In the beginning post of this series, I told the story of how California doctors and medical providers just couldn’t get it through their heads that even though I was a 35 yr old soon-to-be-mom, I did NOT want amniocentesis, because of the risk of miscarriage and the fact that it could not reveal any information I would actually be able to use. But the medical types were really determined. In the second post of this series, I told of how a doctor threatened to withhold care from me, and a necessary examination, if I didn’t submit to his attempt to coerce me into “genetic counseling,” at a minimum, with the obvious agenda of getting me to agree to amniocentesis.
How DARE the doctors make me defend my refusal to have a test that could have resulted in my child’s death! Imagine the news if “just” one percent of school buses on a given day crashed. Out of ten thousand school buses, that means that one hundred buses crashed. Now, imagine the public’s reaction if every child on those hundred buses died. It’s incomprehensible to imagine such a thing. When a SINGLE bus crashes and ANY children are killed, the tragedy makes national news. Yet the medical establishment displays a remarkably cavalier attitude toward the fact that given the prevalence of amniocentesis, undoubtedly many healthy, “wanted” children die every year or are born prematurely.
I have since come to understand another disturbing fact surrounding the aggressive push for prenatal testing: many parents demand these tests. We live in an age where, as Mark Steyn has stated, parents often put off childbearing until later in life and then have “one designer baby.” And only one. As fertility invariably decreases with age, some turn to fertility drugs and/or in vitro fertilization, which can result in multiple fetuses. No worries, though. Through a process known as “selective reduction,” the mother can have the “extra” babies killed, leaving her with only one child. And boy, that kid better be perfect. If the child fails to meet the consumers’ (aka parents’) expectations, the doctor might well find himself slapped with a “wrongful birth” lawsuit. The heart-breaking fact is that around 90% of children identified with Down syndrome are aborted. (It’s worth noting, however, that amniocentesis is not completely accurate, which means that a number of “healthy” children are mistakenly thought to have a genetic defect and are then aborted.) Given the fact that prenatal life is valued so little, I suppose it’s no wonder I was sometimes treated as a socially irresponsible freak for refusing genetic testing.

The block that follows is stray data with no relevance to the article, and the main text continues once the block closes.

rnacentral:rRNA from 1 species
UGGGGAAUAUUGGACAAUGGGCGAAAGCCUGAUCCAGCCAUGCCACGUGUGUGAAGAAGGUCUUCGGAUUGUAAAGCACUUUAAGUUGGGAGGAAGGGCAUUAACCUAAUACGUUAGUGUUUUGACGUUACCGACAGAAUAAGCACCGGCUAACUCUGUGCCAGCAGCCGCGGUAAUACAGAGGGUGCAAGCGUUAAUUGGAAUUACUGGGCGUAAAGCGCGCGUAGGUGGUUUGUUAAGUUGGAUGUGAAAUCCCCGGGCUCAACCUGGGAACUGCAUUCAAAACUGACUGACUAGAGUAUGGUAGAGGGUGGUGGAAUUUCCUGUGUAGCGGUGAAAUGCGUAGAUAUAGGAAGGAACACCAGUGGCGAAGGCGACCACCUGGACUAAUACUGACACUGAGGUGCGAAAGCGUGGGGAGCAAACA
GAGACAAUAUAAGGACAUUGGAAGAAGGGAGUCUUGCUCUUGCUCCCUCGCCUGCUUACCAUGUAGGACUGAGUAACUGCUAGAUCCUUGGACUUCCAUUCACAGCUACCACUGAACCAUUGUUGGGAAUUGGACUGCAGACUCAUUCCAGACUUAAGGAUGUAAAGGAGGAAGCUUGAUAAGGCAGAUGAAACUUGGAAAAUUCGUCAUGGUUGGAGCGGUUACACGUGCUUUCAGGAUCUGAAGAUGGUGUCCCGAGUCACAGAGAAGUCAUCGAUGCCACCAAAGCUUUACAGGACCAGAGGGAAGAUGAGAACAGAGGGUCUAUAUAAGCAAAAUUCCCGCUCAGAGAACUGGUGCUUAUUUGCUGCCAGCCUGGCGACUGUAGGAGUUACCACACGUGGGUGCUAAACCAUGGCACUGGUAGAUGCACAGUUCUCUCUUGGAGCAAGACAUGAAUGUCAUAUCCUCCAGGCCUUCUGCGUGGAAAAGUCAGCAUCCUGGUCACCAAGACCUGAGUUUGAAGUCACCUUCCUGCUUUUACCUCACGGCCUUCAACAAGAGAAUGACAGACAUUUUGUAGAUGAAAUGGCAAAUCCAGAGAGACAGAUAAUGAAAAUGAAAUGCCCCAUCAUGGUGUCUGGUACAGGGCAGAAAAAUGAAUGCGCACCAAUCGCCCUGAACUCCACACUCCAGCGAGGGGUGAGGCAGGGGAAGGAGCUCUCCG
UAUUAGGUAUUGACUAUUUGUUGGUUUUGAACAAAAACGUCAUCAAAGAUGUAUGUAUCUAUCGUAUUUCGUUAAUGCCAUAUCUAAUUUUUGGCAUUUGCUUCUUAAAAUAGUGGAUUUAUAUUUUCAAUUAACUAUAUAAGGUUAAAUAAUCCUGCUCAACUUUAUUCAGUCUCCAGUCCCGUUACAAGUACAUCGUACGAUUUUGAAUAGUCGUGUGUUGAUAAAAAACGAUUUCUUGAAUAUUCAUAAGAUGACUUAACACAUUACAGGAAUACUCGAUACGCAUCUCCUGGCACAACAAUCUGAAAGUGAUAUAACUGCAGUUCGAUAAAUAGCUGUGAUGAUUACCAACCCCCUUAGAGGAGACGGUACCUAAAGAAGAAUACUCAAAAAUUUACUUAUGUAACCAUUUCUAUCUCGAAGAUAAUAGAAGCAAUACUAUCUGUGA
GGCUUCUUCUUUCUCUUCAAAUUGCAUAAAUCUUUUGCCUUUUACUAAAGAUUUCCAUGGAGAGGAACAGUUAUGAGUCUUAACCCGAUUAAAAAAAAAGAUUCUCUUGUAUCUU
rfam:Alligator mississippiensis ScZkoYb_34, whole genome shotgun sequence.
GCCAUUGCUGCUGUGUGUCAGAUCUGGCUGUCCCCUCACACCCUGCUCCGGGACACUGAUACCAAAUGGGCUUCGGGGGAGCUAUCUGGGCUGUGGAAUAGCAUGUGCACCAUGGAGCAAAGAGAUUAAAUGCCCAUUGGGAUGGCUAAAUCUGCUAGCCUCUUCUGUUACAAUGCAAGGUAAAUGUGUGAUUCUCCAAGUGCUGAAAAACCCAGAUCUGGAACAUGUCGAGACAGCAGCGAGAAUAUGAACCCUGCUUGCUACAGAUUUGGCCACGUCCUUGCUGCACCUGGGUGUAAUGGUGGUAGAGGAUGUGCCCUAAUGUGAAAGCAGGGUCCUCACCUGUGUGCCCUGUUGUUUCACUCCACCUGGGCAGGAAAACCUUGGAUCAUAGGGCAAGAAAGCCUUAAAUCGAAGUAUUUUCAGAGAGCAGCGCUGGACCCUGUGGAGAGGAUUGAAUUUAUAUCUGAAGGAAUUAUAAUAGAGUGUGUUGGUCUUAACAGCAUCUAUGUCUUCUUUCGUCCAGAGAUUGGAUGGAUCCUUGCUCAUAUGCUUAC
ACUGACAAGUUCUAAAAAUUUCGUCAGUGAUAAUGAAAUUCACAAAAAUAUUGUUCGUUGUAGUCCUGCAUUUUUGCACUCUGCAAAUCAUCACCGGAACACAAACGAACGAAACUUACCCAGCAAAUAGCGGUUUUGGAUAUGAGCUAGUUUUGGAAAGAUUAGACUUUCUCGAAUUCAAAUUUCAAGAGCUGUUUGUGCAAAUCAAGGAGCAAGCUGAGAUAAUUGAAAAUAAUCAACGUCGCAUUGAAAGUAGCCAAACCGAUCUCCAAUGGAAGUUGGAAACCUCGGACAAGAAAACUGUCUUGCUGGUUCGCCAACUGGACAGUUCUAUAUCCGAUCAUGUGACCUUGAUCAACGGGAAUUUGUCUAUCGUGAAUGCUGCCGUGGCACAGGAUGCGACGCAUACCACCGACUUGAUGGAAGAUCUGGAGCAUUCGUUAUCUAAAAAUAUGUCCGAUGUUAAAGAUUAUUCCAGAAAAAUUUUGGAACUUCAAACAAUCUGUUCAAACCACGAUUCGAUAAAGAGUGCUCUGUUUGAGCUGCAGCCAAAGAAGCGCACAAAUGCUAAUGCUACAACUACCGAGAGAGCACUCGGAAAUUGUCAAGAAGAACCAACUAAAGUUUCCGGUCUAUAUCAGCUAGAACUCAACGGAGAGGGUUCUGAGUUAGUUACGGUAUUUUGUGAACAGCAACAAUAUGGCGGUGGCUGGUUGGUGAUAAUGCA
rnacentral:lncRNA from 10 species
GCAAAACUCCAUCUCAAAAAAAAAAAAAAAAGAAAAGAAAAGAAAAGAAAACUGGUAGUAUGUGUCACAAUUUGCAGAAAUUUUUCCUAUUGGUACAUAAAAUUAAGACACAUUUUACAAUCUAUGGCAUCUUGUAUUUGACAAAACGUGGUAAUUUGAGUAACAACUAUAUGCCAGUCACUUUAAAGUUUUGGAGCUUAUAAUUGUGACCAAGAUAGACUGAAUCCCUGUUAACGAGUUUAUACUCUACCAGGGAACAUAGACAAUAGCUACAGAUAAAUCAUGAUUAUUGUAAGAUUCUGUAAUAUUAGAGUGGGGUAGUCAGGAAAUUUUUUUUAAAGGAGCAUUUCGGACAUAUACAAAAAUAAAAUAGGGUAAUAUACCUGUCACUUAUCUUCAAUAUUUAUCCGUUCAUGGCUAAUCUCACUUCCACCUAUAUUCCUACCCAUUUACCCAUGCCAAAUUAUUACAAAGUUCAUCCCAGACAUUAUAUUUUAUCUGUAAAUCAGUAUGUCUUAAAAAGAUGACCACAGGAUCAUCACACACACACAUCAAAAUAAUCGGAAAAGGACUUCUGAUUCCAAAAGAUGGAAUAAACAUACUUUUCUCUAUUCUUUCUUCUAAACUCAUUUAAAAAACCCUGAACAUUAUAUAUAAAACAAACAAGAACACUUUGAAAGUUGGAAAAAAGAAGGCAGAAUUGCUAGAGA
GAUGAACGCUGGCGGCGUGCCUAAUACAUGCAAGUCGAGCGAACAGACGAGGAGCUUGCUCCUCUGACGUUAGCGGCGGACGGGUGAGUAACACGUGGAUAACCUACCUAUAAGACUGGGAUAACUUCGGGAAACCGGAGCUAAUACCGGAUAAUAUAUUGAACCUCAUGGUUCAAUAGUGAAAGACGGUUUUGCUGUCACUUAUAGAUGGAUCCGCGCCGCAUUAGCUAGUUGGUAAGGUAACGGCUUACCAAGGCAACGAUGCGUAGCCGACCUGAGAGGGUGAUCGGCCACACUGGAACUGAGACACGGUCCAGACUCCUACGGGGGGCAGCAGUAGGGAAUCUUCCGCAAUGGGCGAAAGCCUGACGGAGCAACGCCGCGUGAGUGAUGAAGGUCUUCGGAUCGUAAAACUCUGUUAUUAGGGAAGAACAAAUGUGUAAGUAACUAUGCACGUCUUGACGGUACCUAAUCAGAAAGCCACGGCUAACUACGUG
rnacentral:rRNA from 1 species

My next several visits to the obstetrician were uneventful, except that he kept looking at my chart and saying, “Oh, yeah. You refused amnio.” Was my choice really that unusual? Perhaps so. During that time, I ran into several women, mostly strangers, pregnant women who would say, “I had to have amniocentesis.” One even said to me (both of us standing there, pregnant, in Burlington Coat Factory’s baby section), “I’m scheduled for amniocentesis tomorrow. I really don’t want to do it, but I have to.” How many women are made to feel that they have no choice?
About nine weeks shy of my due date, I began having painful contractions. It didn’t appear to be labor, but with my doctor’s recommendation, I decided to take a break from my job as a special education teacher at a local junior high. A short time later, I went into full-blown preterm labor. My baby wasn’t handling my contractions very well, so the doctor said they were probably going to have to deliver her early. Thankfully, labor was stopped by a combination of three different medications. I was confined mostly to bed for the remainder of my pregnancy and continued taking medication. Given this precarious situation, I couldn’t help but wonder if an earlier decision to have amniocentesis might have resulted in an extremely premature baby – or even a stillbirth. I’ll never know, but I shudder when I consider the possibilities.
Finally, the day I had been longing for arrived, and I gave birth to a beautiful full-term baby girl. Shortly before being discharged, a clerical worker from the hospital came to my room and asked me to sign a form. By signing, I would be acknowledging that I had received certain types of care in the hospital, as well as during my pregnancy. I noticed three number codes and asked that each be explained. When she reached the third code, she said that its numbers stood for amniocentesis. “I didn’t have amniocentesis,” I sighed. She looked surprised and then asked, “Are you sure?”
Sometimes you’ve just got to laugh.